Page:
“The success of today’s Strike Force operation can be attributed to the combined investigative resources of the Health Care Fraud Prevention and Enforcement Action Team (HEAT),” said FBI Dallas Special Agent in Charge Diego G. Rodriguez. “Continued efforts of these multi-agency teams reduce fraud, recover taxpayer dollars and remove fraudsters from abusing our Medicare and Medicaid programs.”
Lawrence Dale St. John, et al.
Lawrence Dale St. John, his son Jeffrey Dale St. John and Dr. Nicolas Alfonso Padron are each charged with one count of conspiracy to commit health care fraud and 13 substantive counts of health care fraud. Lawrence St. John, 65, of Grand Prairie, Texas, owned, operated and oversaw every aspect of A Medical House Calls and his son, Jeffrey St. John, 40, of Dallas, ran A Medical’s daily operations. A Medical, which provided physician home visits to Medicare beneficiaries, was also known as A+ Medical House Calls and ANM Physician House Calls. Its primary purpose was to certify and re-certify Medicare beneficiaries for home health services. A Medical did not provide primary care physician services to Medicare beneficiaries; although many patients believed the company was a real physician practice and attempted to get care, often to no avail. Dr. Padron, 53, of Garland, Texas, who served as its medical director, supplied his Medicare provider number to Lawrence and Jeffrey! St. John so that A Medical could submit claims to Medicare.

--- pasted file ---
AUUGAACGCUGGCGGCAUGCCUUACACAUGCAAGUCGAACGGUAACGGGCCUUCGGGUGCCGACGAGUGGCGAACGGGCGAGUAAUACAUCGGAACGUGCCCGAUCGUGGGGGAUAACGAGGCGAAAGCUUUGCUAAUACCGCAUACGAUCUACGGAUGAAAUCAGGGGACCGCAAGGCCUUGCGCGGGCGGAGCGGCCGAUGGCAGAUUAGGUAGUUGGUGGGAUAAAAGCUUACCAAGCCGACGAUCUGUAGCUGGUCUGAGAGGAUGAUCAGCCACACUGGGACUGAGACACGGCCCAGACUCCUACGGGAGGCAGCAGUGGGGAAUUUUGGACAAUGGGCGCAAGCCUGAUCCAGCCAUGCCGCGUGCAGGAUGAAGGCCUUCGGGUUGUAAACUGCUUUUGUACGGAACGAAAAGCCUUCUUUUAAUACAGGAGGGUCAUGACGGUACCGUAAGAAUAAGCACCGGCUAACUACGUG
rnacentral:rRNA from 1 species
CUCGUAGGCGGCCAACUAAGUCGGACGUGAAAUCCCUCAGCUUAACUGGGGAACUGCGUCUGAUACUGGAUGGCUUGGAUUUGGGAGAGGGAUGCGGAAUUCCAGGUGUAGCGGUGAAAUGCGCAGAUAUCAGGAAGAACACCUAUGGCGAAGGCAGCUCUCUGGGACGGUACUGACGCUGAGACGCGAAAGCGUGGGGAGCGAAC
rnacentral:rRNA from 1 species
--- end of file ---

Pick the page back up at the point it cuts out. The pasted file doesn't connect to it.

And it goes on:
The indictment alleges that from May 2010 through January 5, 2012, the defendants conspired together to bill Medicare for care plan oversight, by Dr. Padron, for numerous beneficiaries when Dr. Padron was out of town, including dates when he was out of the country and on a cruise.